We seemed to always find a site but our last minute decision to visit Grand Canyon brought us to that title above: 5 Sites in 5 Nights. I managed to book three nights in Mather Campground right there in the heart of Grand Canyon National Park BUT it was on three different sites so every morning we drove the RV and the car out to a parking area, left them, hopped a shuttle, played for the day then returned to grab the RV and check back into Mather. It was inconvenient but no biggie. The biggest problem was that these were all dry sites (no hookups) and we were running on our batteries all night. We couldn’t really put our portable solar panel out in the parking lot each day so we had to run the generator to recharge our batteries… and I hate running the noisy generator.

But, I digress. Back to the subject at hand…

Our plan as we drove to the canyon was:

Night 1 – Mather campground, first site
Night 2 – Mather campground, second site
Night 3 – Mather campground, third site
Night 4 – NOT A CLUE (a Friday night, hoping someone cancelled and we got a spot- it was unlikely and it didn’t happen)
Night 5 – Desert View campground (first come-first served campground that opened Saturday for the season so we hoped to jump in, and did)

We were pretty much stranded for Friday night until I asked a Ranger out at the Watchtower and they told me about a National Forest disbursed camping area just 1 mile south of the Desert View Road. John and I wandered out there in the Subaru to check the condition of that dirt road, found it to our liking and returned with the rig on Friday. It was actually my favorite site at the Grand Canyon (AND we had awesome cell signal). We later discovered there were more disbursed NFS camping areas just outside each entrance of the park so we would have found something no matter what. Our motto is – no worries. I have an easier time with that than John does, but he’s getting better.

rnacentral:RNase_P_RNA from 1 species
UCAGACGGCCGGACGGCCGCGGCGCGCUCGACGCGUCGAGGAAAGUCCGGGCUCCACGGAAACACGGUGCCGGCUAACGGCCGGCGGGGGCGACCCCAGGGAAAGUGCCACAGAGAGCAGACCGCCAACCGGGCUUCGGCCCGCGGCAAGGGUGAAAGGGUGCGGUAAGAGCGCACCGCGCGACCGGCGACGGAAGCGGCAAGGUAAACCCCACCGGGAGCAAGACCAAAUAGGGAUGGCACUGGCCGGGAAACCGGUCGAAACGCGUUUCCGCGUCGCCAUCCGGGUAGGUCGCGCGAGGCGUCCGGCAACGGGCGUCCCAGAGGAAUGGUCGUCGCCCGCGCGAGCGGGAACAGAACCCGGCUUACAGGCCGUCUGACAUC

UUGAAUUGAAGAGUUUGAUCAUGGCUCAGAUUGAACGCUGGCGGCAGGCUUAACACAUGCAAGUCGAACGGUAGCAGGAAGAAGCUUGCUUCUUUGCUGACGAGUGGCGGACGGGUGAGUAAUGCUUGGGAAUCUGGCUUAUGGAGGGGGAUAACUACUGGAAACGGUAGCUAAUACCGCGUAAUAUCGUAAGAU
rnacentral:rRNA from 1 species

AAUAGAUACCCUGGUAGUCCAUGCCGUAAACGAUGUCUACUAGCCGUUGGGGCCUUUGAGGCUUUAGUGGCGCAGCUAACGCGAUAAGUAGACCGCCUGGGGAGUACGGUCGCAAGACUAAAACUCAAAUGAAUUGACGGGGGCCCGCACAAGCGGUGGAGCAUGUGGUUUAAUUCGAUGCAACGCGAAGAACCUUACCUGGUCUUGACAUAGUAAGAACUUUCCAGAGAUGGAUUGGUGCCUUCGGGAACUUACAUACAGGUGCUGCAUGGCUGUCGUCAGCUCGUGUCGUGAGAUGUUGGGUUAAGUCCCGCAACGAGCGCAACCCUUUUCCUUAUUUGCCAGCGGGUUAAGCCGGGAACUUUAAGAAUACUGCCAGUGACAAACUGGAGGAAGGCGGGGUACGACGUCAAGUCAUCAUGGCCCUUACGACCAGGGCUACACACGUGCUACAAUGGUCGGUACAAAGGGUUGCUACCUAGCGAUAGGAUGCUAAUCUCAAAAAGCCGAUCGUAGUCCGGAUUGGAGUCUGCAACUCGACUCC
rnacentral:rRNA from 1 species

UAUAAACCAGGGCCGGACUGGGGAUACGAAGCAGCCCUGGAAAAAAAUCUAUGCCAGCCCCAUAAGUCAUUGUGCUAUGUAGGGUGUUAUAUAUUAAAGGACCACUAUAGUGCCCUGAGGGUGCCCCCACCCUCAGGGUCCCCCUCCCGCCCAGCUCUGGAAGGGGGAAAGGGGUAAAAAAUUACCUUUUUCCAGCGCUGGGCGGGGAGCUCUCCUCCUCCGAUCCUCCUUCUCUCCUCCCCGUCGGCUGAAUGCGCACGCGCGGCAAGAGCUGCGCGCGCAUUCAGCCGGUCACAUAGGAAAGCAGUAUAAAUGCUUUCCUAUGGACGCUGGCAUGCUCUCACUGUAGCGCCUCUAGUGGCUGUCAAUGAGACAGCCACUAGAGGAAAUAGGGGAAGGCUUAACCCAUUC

There was a serious silver lining to all of this. John has avoided going off into the National Forest disbursed campsites but he loved the site we found and happily settled in there. He no longer cringes when I nudge him to consider an NFS site so there will be a lot more beautiful, remote and random campsites in our future. I can’t wait!


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Meteor Crater – near Winslow, AZ

April 2, 2019

Meteor Crater Visitor Center

I wasn’t too sure about going to this site. First, it was privately owned and operated which makes me suspect that it was “just another tourist trap.” Second, being privately owned, how pristine and impressive was the crater? I shouldn’t have worried. It was spectacular and well worth the time, money, and effort to visit.

Aerial view of Meteor Crater

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Sunset Crater, Wupatki, and Walnut Canyon – near Flagstaff, AZ

April 1-3, 2019

Mother Nature keeps hitting it out of the park.

Sunset Crater

Sunset Crater

If you stand on a flat area and look around, every peak you see was once a volcano. The still snow covered San Francisco Peaks appear to be a small chain of mountains. It’s actually the remnants of a single volcano.

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Montezuma Castle, Montezuma Well, and Tuzigoot

March 27-28, 2019

It never ceases to amaze me what “primitive” peoples could accomplish. Those men, women, and children who built and lived in Montezuma Castle, Montezuma Well, and Tuzigoot were masters of how to live in harmony with nature. They used the skills passed down from generation to generation and what nature provided to create not only amazing buildings but amazing cultures. Everything they needed to sustain their society – land, water, plant and animal resources, and farmland were close by. Although their world may have been small, they were far from isolated. They did have contact with and traded between other cultures.